Tuesday, February 7, 2012

Valentines Day

To my skeptical and somewhat cynical way of thinking, Valentines Day is much like Halloween--a ripoff driven by emotional blackmail--and I'm realistic enough to refuse to be manipulated. It's all about marketing and consumerism.

Valentines Day is apparently supposed to be a day when you express the depths of your love to your sweetie. That often comes in the form of flowers that are going to die in a few days, candy you're better off not consuming, and a greeting card that says what the greeting card designer wrote.

Don't get me wrong. I'm a hopeless romantic. I like the overt tokens of affection just as much as the next person, but expressions of real love in a real marriage are usually not accompanied by violins and moonlight. Sometimes it's a "How 'bout I scramble some eggs for breakfast?" or a "Come on, let's go to the fitness center."

It leaves me wondering why merchandisers think we're so short-sighted as to limit expressions of love to one day a year. Where do they think we've been the other 364 days of the year? Do they really think you take your sweetie for granted and then on February 14 erase it all with a few trinkets that say, "You know what I mean"?

My sweetie landed in the hospital Sunday morning with a kidney stone--now that's really romantic--and I sat with him all day as he went through pain and procedure and even delirium coming out of anesthesia. It wasn't fun, especially for him, when the plans for the day had to be abandoned to take care of a problem that wasn't going away on its own. It wasn't life-threatening; nevertheless, we realized it could have been much worse. Still, I thought of my mother watching my father die of an incurable disease--mesothelioma--and my grandmother calling the ambulance that February day in 1961 when my grandfather had a sudden and eventually fatal heart attack. These were life-altering moments for those women who had to go on alone.

No, flowers and candy and cards are not enough. Decide now to regret nothing. Time doesn't wait for you to get around to making a grand gesture that may ultimately be misunderstood. Say now all the things you mean to say, and put it in your own unique words. Here's what I've said to my sweetie:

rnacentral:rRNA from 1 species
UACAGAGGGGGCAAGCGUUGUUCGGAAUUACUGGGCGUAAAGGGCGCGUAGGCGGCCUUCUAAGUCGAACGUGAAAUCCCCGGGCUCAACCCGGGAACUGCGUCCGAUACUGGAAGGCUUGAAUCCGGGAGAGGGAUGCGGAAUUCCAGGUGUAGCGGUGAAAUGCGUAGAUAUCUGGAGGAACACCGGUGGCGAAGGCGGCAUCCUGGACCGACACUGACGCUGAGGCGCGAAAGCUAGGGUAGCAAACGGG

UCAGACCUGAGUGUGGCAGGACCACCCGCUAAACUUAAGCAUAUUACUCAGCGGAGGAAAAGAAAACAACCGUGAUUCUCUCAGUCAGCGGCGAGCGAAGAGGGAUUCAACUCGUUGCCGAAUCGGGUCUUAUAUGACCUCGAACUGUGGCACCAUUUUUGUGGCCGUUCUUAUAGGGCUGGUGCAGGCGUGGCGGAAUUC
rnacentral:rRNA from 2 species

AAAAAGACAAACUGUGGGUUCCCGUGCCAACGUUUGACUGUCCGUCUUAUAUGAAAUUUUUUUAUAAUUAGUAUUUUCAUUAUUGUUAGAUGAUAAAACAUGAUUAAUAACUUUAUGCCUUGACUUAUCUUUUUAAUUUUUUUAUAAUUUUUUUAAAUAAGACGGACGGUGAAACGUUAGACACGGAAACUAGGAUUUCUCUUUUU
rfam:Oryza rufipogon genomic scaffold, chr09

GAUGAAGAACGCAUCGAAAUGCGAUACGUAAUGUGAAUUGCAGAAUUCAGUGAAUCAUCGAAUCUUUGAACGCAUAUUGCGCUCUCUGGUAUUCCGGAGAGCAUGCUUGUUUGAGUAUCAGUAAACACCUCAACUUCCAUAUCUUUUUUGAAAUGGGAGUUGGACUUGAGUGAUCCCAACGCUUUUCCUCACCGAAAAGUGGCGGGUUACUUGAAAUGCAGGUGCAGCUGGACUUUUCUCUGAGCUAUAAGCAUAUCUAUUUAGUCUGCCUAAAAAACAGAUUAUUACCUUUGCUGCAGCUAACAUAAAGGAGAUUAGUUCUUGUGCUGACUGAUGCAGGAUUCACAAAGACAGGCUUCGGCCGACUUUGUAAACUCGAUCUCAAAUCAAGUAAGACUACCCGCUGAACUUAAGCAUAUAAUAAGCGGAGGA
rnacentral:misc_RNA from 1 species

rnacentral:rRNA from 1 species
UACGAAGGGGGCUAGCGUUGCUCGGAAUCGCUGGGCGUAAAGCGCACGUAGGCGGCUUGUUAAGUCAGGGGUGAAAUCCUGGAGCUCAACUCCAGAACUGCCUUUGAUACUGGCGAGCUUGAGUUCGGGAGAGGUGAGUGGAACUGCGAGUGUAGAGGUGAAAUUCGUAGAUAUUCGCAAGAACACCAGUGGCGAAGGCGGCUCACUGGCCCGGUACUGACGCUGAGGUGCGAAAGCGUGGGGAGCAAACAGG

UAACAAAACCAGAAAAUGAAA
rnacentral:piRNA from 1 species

You’re gone before I even realize
you were there. Softly, the gossamer touch
of your lips tells me so, but hit-and-run
kisses are only the lazy flap of
butterfly wings--I might forget before
our mouths can be together again. Give
me something genuine, sincere, a real
smackeroo, firmly planted, that leaves me
with the familiarity of you,
and the security of us. Don’t tease
my appetite for you, and then leave me
ravenous, wishing you would stay for just
one more sweet reminder of who we are.
Make me remember every time that
you, my best love, my only love, kissed me.

Talking in Your Sleep 
We sleep so differently, You and I--
      You with your right hand up to your face,
      I with my left hand a fist under my chin,
      You with your fidgeting feet,
      I with my tickling nose when pollen swoops in the open window,
      You with your indigo dreams of flying,
      I with my crimson dreams of climbing too high and falling, gravity’s victim again,
      You with your instant unconsciousness,
      I with my constant wakefulness,
      You with your no-nonsense morning routine,
      I with no place to go, lying there listening to you shave.
We sleep so differently, You and I, but we are for each other.
      Awake with different eyes we see alike the same way through.

If I Could Only Hold You Closer
Sometimes when we’re together
and I’m watching your face
and loving you beyond love
I marvel at how the years have
bonded us. We know without speaking
what half a smile
or a raised eyebrow means.
And yet holding hands, arm in arm,
cheek to cheek, even lips to lips
are fully insufficient.
Not even flesh to flesh entwined like vines
can bring us as close as I want to be
to you.


jww said...

I hope people keep reading past the "emotional blackmail-manipulated" paragraph because this is a lovely post. I do think, though, that expressions of love can be violins and moonlight AND "How 'bout I scramble some eggs for breakfast?" I, too, hear the complaint that Valentine's Day is all commercial, and the rebellion that one doesn't HAVE to bring flowers or candy just because it's Valentine's Day. Well, that's true, but my view is that if it's one more opportunity for a showing of love, or gratitude, or appreciation for all those scrambled eggs, we should be jumping at the chance. Nobody in the world is showering his/her love with too much affection.

(Merchandisers DO sell flowers, candy, jewelry and cards all other 364 days of the year.)

Anyway, I enjoyed the "real life" examples of what love is, and the "decide now to regret nothing" view. That's perfect. I love all the poems, too. Very beautiful.

Janet Kay Jensen said...


Janet Kay Jensen said...

Lovely. I am having trouble with deciphering the code words in order to post one word here, but your poetry and the sentiments are lovely. One more try.